Hi Readers — This rtfenyrbbi
is an inspiring column by Peter White, an English broadcaster who’s blind. It reminds me that our job as parents is to believe in our kids — to believe they can rise to a challenge.
On the road (and as I film my reality show), I hear from a lot of parents who think it is dangerous to let their kids do anything on their own — walk to school, babysit, take a bus, you name it — because they might get hurt or frustrated. I hope that some of those parents read this essay, because here’s what happens when we DO say (heart in throat): “Go for it, honey.” We pick up where Mr. White is recalling how his mom let him learn how to ride a bike:
I didn’t understand it then, but I know now it took great courage for her to do what she did. The interesting thing is that the special blind boarding schools to which we were sent were equally uninhibited. At my secondary school in Worcester we were positively encouraged – no, actually forced – to go out alone, or accompanied only by another blind friend. The 4 o’clock walk was compulsory: nobody asked where you were going, or whether you had the skills to get there. And when things went wrong, the school faced them with almost unbelievable sang-froid. When I was 12, I had a road accident. My parents were informed of this in a terse letter: “Peter has had a slight brush with a lorry. No serious harm done.”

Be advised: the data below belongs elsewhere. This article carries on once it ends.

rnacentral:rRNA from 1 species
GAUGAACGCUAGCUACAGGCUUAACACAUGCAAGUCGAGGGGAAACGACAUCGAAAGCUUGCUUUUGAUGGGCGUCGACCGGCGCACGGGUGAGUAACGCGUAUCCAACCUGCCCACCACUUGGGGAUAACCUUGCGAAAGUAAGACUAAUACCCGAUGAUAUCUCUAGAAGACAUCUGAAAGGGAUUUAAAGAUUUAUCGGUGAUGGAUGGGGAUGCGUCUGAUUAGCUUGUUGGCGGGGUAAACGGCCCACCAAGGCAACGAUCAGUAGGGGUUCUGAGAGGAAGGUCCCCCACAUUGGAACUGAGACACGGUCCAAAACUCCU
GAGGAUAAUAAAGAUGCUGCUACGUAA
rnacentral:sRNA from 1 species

After this incident, a few half-hearted rules were introduced about who should be allowed to wander about unsupervised, but they were quickly abandoned. Nothing interfered with the custom of Founder’s Day, where every pupil was given five shillings, and sent out for the day – a kind of ultimate 4 o’clock walk. I once managed to hitchhike the 200 or so miles home to Winchester and back. Returning to school just after midnight, I received a mild reprimand, and congratulations for having had the initiative to enlist the help of the police in getting my last, after-dark lift. But I was far from the boldest. The school bred adventurers, roaming the city and beyond. There were always a handful with girlfriends, off to parties and pubs, clambering back into school at night up drainpipes and through windows.
It’s hardly surprising that, growing up in this environment, the world held few terrors for us.
Only one word besides “blind” occurs to me to describe those kids and ironically it’s this: Lucky. — L.